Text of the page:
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Swedish extradition of Baltic soldiers

Baltic and German soldiers being extradited from a detention camp in Eksjö. The Swedish officers in black are militarised Police/Gendarmerie, and the men in the foreground wearing tan are army soldiers.

The Swedish extradition of Baltic soldiers, in Sweden known as the Extradition of the Balts (Swedish: Baltutlämningen), is a controversial political event that took place in 1945-1946, when Sweden extradited some 150 Latvian and Estonian Waffen-SS volunteers and conscripts who had been drafted and recruited by Germany to fight against the Soviet Union during World War II.


Background and extradition processEdit

On 2 June 1945, the Soviet Union demanded that Sweden extradite all Axis soldiers. The government protocol from 15 June was kept secret until it became public on 19 November. It was supported by most of the parliament and the Swedish Communist Party wanted to go further, by extraditing all civilian refugees from Estonia, Latvia, and Lithuania.

The majority of the Baltic soldiers extradited were Latvians who had escaped from the Courland Pocket. When they reached Sweden, those in uniform were detained in detention camps. The extradition to the Soviet Union took place on 25 January 1946 in the port of Trelleborg for transportation on the steamer Beloostrov. On return they were briefly put in a camp in Liepaja and later released. According to one source at least 50 of the Latvians were arrested between 1947 and 1954 and were sentenced, often to 10–15 years in prison.[1]

Sweden also extradited about 3,000 German soldiers, according to laws on prisoners of war. The people from the Baltic states were however more controversial since the Soviet authorities viewed them as Soviet citizens (the Soviet Union had occupied the independent Baltic states in 1940) and therefore regarded the people from the Baltic states as traitors, and the internees feared death sentences. Two Latvian officers committed suicide.

Of the prisoners, Lieutenant Colonel Kārlis Gailītis and Captain Ernsts Keselis were sentenced to death but had their sentences changed to 17 years hard labour. Three others of lower ranks were sentenced to death and executed in 1946.[2]

Subsequent eventsEdit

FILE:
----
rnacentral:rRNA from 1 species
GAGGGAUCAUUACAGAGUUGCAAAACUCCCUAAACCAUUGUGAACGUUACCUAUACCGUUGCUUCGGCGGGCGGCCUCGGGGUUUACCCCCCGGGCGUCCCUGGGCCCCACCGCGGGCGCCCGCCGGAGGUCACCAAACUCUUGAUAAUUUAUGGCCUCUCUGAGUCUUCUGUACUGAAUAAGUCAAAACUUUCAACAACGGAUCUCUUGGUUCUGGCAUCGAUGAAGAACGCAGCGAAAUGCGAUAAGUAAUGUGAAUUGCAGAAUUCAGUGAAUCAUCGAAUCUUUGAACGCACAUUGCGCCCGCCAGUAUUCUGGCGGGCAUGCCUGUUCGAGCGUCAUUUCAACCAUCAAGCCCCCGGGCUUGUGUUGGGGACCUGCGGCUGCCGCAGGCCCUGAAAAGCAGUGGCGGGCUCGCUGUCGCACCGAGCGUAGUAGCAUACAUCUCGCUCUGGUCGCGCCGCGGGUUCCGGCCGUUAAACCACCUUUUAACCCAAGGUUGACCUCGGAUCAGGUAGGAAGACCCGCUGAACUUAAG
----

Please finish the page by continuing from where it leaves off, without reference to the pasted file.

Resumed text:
In 1970, Johan Bergenstråhle made a film, A Baltic Tragedy, about the subject. The film is based on Per Olov Enquist’s Legionärerna: En roman om baltutlämningen (1968) (English title: The Legionnaires: A Documentary Novel) which had won the Nordic Council's Literature Prize and Enquist collaborated on the script.

On 20 June 1994, 40 of the 44 surviving extradited (35 Latvians, 4 Estonians, and 1 Lithuanian) accepted an invitation to visit Sweden. They were received by King Carl XVI Gustaf of Sweden at the Royal Palace in Stockholm. The Swedish Minister of Foreign Affairs Margaretha af Ugglas said that the Swedish government agreed with the criticism of the decision and regretted the injustice.[3]

A memorial, "stranded refugee ship" (1999-2000) by Christer Bording, has been erected in Trelleborg.[4][1]

See alsoEdit


  1. ^ a b Flyktingminnesvård i Trelleborg Archived 2003-03-16 at the Wayback Machine. In: Fritt Militärt Forum, Nr. 1 (2000).
  2. ^ "Baltutlämningen skildrad av de utlämnade". Archived from the original on 2011-11-17. Retrieved 2012-05-14.
  3. ^ See Svenska Dagbladet 21 and 22 June 1994, and Dagens Nyheter 21 and 22 June 1994
  4. ^ "Strandad flyktingbåt", at Christer Bording website


  • Freivalds, O., Alksnis, E. Latviešu kaŗavīru traģēdija Zviedrijā. Copenhagen, Denmark: Imanta, 1956 (254 pp).
  • Freivalds, O. De internerade balternas tragedi i Sverige år 1945-1946. Stockholm, Sweden: Daugavas vanagi, 1968 (432 pp).
  • Landsmanis, A. De misstolkade legionärerna. Stockholm, Sweden: The Latvian National Foundation, 1970 (83 pp). (– Corrects Enquist’s The Legionnaires).
  • Zalcmanis, J. Baltutlämningen 1946 i dokument. Stockholm, Sweden: Militärhistoriska förlaget, 1983 (96 pp).
  • Ekholm, C. Balt- och tyskutlämningen 1945-1946. Uppsala, Sweden: Acta Universitatis Upsaliensis, Studia Historica Upsaliensia 136 (224 pp.), 137 (444 pp.), 1984.
  • Ekholm, C. & Schulze, H. Flyktingminnesvård i Trelleborg. Fritt Militärt Forum Nr 1, 2000.
  • Silamiķelis, V. With the Baltic Flag (ISBN 9984055590). Rīga, Latvia: Jumava, 2002 (316 pp).